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Publication numberUS3118600 A
Publication typeGrant
Publication dateJan 21, 1964
Filing dateAug 28, 1961
Priority dateAug 28, 1961
Publication numberUS 3118600 A, US 3118600A, US-A-3118600, US3118600 A, US3118600A
InventorsMiller Avy L
Original AssigneeMiller Avy L
Export CitationBiBTeX, EndNote, RefMan
External Links: USPTO, USPTO Assignment, Espacenet
Continuous flow fluid heater control
US 3118600 A
Abstract  available in
Images(1)
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Claims  available in
Description  (OCR text may contain errors)

A. L. MILLER CONTINUOUS FLOW FLUID HEATER CONTROL Jan. 21, 1964 Filed Aug. 28, 1961 IN VEN TOR. A 1/ V Z. M/uge firms/we y;

United States Patent 3,118,660 CONTINUOUS FLOW FLUED HEATER CGNTRQL Avy L. Miller, 13246 Saticoy St, North Hollywood, Calif. Filed Aug. 28, 1961, Ser. No. 134,465 6 Claims. (Cl. 23623) The present invention relates generally to the control of fluid heaters, and more particularly to the control of water heaters of the continuous flow type.

In continuous flow fluid heaters, heat is applied to the fluid from the products of combustion of gas or oil supplied from suitable burners, while the fluid is passed through heat exchange tubes or coils, or similar heat exchange elements. The supply of heating gas or oil to the burner is preferably controlled in accordance with the temperature 'of the incoming fluid to initiate starting and stopping of combustion, and not as a mere incident to the flow of fluid through the heater.

in the operation of continuous flow water heaters for heating swimming pools, for example, the heater is ordinarily connected in the water circulatory path through the pool filter, so that water withdrawn from the pool to be filtered and returned thereto will pass through the heater tubes even when the water is at an elevated temperature at which no heating thereof is desired. Should the pool water temperature fall, a thermostat operating a switch or valve will call for heat and will initiate supply of fuel to the heater burner. This apparatus for water heating is thereby distinct from the so-called instantaneous heaters wherein initiation of flow of water through the heater each time a tap is opened initiates combustion of fuel in the heater.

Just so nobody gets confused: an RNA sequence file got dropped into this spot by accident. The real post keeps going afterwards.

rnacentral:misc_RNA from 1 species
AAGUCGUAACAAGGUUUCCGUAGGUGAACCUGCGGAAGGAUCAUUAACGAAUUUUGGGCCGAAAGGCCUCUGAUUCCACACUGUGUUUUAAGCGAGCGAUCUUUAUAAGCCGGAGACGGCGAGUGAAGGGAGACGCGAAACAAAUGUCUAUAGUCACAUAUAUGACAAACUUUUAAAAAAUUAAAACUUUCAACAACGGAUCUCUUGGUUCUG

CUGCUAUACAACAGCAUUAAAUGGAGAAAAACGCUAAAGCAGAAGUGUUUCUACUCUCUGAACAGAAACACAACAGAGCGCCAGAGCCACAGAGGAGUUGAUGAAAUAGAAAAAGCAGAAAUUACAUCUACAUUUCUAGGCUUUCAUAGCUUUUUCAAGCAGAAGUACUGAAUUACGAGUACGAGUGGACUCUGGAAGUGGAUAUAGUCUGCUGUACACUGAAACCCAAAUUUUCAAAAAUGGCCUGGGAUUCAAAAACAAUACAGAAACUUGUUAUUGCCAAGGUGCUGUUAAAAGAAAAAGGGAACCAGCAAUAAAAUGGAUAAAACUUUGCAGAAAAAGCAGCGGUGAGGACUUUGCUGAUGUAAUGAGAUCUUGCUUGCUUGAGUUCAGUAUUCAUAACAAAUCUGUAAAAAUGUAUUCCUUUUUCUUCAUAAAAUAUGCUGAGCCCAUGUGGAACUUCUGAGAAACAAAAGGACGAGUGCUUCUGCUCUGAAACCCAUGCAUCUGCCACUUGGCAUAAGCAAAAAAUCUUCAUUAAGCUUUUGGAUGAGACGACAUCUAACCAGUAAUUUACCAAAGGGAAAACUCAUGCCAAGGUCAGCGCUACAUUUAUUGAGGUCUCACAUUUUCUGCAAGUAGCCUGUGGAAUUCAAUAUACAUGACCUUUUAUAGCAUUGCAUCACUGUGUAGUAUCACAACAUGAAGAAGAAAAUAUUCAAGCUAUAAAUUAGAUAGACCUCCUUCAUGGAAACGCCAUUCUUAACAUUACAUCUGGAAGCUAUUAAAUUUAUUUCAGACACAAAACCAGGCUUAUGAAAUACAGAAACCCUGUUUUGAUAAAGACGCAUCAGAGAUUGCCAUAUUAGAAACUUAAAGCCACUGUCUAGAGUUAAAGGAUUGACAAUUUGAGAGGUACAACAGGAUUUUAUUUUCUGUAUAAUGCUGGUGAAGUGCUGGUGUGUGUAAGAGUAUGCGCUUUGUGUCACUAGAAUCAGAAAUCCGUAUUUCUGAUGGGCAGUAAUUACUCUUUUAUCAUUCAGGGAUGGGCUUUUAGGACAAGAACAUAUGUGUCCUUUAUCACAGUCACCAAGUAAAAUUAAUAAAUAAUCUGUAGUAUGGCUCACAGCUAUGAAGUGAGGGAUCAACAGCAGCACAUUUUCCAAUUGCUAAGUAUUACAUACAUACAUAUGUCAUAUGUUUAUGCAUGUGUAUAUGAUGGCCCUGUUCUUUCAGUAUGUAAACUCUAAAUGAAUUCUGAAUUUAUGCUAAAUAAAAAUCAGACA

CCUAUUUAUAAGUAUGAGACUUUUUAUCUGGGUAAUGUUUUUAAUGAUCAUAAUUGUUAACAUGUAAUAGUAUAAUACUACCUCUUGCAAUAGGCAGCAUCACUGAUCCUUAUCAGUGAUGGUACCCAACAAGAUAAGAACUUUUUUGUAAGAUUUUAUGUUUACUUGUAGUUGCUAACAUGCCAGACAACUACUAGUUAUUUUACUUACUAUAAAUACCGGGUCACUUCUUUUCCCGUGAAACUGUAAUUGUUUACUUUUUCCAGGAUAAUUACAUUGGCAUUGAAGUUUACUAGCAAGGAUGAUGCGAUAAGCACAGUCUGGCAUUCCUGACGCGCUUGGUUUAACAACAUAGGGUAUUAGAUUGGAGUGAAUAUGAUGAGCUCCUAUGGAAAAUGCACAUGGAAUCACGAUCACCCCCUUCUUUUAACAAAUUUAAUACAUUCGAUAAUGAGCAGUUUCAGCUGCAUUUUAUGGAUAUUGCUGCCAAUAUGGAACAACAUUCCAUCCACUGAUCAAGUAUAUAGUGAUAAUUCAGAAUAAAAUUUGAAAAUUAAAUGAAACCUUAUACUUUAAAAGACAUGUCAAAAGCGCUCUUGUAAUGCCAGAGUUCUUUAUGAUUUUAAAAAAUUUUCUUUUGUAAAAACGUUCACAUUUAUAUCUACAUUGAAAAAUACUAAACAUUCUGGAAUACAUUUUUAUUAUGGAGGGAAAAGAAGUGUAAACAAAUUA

For one reason or another, such as plugging of the circulatory system or failure of the pump, water may not be flowing through the heater when the thermostat calls for heating of the water. When combustion is started under this condition, the temperature of the water within the tubes will be raised to dangerous levels at which steam may form and cause a pressure explosion or, if there is no water present in the heater tubes, they and other parts of the heater may be damaged by the excessive heat. Since the thermostat is ordinarily located remote from the heat exchange tubes of the heater, it will continue to call for combustion.

It is an object of the present invention to remove the possibility of this dangerous condition occurring by preventing the supply of combustion fuel unless water is flowing through the heater, thereby preventing overheating of water in the heater tubes and/or damage to the heater parts.

Another object of this invention is the provision of a combined thermostatic and flow control for fluid heaters operating in series relation.

Another object of this invention is the provision of a fuel supply control for fluid heaters having desirable safety features.

A further object of this invention is the provision of a fuel supply control for continuous flow water heaters supplying combustion fuel thereto only when the water is below a predetermined temperature and is flowing through the heater.

Yet another object of this invention is the provision of an improved temperature and flow responsive valve systern for the supply of combustion fuel to a continuous flow water heater.